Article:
Just when I thought things couldn’t rile me up more than they already had, the news of the first coronavirus case being detected in my hometown broke. When the 21-day lockdown was announced last night, I felt a little worried about my boomer parents who lived on their own in a town over 700 kilometeres from me. They had grocery stocked up, they will be okay, I convinced myself. But things changed this morning. Partly because my father is a practising paediatrician, who is still stepping out to see patients every day. Being a frontline healthcare professional, he doesn’t have the luxury to stay at home, or limit his exposure to the sick at the hospital. His only defence right now is maintaining hygiene and wearing a mask. At home is my mother, who stands at risk too, because of my father’s profession. What will I do if ever a situation arises where they need one of their children to be by their side? This thought is sitting like a knot in my stomach.
The coronavirus pandemic has unravelled so fast and which such intensity, there was no time to plan this through for most of us.
Health care professionals or not, there are many adults who are living away from their boomer parents. Especially daughters, who have married and moved away from their native cities, and whose parents won’t come to live with them because of cultural stigmas that run in their blood. No amount of persuasion can get them to move, unless they are pushed into the corner. This could have been one such situation, but the coronavirus pandemic has unravelled so fast and which such intensity, there was no time to plan this through for most of us.
We thought we could reach our parents if the need arises. We could call them over. But now with almost all modes of transport suspended, state borders closed and the entire nation under lockdown, we are all stuck where we are. I know travelling would have been a foolish decision even if a transport was available. But I wonder how many of us have the discipline needed to not respond, if ever a call for help came from our parents, partner, children or siblings. All we can do is hope that the loved ones away from home stay safe.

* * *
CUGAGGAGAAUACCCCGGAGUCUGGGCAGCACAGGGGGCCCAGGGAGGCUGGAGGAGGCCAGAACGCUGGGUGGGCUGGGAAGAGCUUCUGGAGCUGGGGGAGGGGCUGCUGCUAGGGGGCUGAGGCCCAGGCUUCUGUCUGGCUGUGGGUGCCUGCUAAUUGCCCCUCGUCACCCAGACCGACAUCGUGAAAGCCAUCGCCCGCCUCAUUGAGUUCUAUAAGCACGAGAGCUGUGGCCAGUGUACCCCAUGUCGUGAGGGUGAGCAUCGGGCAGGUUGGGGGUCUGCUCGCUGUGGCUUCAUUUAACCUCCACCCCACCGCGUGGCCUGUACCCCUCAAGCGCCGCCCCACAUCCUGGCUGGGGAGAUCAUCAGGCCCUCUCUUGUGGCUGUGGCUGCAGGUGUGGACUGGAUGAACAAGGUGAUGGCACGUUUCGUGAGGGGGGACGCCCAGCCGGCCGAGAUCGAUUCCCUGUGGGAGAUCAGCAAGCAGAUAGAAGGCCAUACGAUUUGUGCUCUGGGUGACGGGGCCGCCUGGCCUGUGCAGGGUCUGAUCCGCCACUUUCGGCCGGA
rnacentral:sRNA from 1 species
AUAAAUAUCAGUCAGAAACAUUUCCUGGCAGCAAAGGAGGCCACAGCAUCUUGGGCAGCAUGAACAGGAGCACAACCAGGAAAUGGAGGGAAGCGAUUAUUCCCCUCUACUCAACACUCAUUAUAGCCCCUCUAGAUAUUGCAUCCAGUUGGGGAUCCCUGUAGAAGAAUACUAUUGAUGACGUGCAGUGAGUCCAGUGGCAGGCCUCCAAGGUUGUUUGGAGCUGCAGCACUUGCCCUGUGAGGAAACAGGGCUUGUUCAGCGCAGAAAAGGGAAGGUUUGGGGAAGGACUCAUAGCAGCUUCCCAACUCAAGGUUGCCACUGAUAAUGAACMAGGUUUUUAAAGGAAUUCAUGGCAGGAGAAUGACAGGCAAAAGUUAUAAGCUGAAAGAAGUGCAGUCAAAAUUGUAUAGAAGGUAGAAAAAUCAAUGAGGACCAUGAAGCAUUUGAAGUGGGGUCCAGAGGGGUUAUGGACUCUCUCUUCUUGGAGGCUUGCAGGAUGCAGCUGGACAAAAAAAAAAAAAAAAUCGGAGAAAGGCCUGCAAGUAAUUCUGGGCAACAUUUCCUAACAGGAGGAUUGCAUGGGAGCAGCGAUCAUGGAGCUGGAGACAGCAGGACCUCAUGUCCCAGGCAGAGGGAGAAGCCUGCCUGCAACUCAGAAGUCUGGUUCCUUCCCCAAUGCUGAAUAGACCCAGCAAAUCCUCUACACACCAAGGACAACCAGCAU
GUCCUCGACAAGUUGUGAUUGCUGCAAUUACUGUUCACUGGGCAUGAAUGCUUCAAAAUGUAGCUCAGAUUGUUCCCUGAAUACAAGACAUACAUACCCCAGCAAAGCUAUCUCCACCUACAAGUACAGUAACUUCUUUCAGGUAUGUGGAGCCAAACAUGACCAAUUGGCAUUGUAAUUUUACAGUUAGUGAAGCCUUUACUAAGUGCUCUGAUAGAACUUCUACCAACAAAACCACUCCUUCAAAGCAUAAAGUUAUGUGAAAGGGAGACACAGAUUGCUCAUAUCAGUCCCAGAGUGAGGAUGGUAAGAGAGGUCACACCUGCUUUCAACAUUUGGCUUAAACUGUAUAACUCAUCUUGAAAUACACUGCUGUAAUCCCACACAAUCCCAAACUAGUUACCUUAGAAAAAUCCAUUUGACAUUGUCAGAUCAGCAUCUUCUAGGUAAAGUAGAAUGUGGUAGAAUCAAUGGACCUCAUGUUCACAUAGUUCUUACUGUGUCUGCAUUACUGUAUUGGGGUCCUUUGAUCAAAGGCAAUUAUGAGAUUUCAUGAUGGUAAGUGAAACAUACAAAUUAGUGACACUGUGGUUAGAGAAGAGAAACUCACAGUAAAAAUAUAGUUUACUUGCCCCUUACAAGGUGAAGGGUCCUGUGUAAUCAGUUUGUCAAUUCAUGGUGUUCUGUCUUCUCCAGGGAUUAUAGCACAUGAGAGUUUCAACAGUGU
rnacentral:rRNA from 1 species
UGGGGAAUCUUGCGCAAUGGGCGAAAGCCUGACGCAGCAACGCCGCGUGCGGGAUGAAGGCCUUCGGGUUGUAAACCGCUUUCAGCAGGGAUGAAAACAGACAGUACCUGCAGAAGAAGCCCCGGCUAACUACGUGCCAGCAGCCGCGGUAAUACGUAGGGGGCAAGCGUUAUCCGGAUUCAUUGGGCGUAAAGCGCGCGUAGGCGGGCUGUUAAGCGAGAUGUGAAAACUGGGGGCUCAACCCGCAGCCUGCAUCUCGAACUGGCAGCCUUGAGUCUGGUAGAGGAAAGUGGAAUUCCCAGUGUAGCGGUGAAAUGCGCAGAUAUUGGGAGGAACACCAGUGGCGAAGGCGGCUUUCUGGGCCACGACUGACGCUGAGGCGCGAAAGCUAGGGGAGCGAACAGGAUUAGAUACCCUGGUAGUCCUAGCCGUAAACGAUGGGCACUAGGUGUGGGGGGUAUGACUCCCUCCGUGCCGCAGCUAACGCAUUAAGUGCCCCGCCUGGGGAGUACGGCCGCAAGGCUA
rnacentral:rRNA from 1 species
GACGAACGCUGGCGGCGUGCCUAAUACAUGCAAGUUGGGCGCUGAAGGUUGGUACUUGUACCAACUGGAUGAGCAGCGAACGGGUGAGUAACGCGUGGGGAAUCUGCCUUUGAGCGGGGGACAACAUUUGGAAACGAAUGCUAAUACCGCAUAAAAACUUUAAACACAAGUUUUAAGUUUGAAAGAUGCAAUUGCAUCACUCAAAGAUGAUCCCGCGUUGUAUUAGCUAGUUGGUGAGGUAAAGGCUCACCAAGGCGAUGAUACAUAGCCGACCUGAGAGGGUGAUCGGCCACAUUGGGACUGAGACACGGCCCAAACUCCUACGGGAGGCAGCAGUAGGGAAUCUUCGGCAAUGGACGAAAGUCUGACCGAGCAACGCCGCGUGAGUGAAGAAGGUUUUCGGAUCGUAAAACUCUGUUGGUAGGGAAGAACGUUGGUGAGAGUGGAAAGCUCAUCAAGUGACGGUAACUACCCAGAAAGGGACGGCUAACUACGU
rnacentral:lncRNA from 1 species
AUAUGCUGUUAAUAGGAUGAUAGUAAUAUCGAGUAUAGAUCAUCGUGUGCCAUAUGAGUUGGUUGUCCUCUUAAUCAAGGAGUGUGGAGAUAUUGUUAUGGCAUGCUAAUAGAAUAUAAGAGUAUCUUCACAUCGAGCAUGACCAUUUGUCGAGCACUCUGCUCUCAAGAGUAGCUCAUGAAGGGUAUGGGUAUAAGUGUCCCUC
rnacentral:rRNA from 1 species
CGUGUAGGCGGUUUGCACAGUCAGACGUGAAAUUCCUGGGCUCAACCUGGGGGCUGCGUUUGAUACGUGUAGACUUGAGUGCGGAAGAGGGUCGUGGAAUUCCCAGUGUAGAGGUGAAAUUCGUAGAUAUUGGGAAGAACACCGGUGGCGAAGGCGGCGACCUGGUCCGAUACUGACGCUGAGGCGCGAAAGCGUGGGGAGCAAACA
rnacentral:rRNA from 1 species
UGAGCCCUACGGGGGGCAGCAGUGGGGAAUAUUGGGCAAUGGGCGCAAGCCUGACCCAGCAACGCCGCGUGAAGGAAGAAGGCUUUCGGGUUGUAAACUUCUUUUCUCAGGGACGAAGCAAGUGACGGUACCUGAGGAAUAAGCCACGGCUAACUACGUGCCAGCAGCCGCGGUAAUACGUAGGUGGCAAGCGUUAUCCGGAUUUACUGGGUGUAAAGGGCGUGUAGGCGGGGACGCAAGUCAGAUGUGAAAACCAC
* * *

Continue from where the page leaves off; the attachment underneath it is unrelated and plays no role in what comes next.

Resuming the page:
I have a sibling who is stuck alone in Mumbai all on her own. No roommates. With supplies she is not sure will last her for 21 days. It would have taken me three hours on a normal day to reach her. But right now I cannot. She is braving the lockdown on her own.
We thought we could reach our parents if the need arises. We could call them over. But now with almost all modes of transport suspended, state borders closed and the entire nation under lockdown, we are all stuck where we are.
And then there are students, daily wage workers who have little money in their pockets, who just want to go home so that they can be taken care of by their families. It is easy to criticise people for refusing to stay put where they are. But put yourself in their shoes. A clueless teenager who might be away from the home for the first time. An employee who has lost their job and has no money to pay rent or buy food. Should one blame the government then, for not planning this lockdown properly? Did they have enough time to plan though? Looking at the situation worldwide, it feels like this lockdown is of utmost priority while caring for those without resources is an afterthought.
Criticising the government is the easy way out though. I recently interviewed entrepreneur Devita Saraf, who has donated her one month’s salary to provide food and medicine packages to the underprivileged. We can do the same and help in controlling this panic. Don’t hoard groceries. Give your maids paid leave, offer them atta, chawal or dal, if they are in need. If you can do more, reach out to NGOs and offer to donate money.
Close home, keep constantly in touch with your boomer parents. We have this amazing gift of technology at our disposal, we can see each other, chat and offer support despite being miles apart. We do not know what these coming 21 days have in store for us, all we can do is be there for each other, virtually.
The views expressed are the author’s own.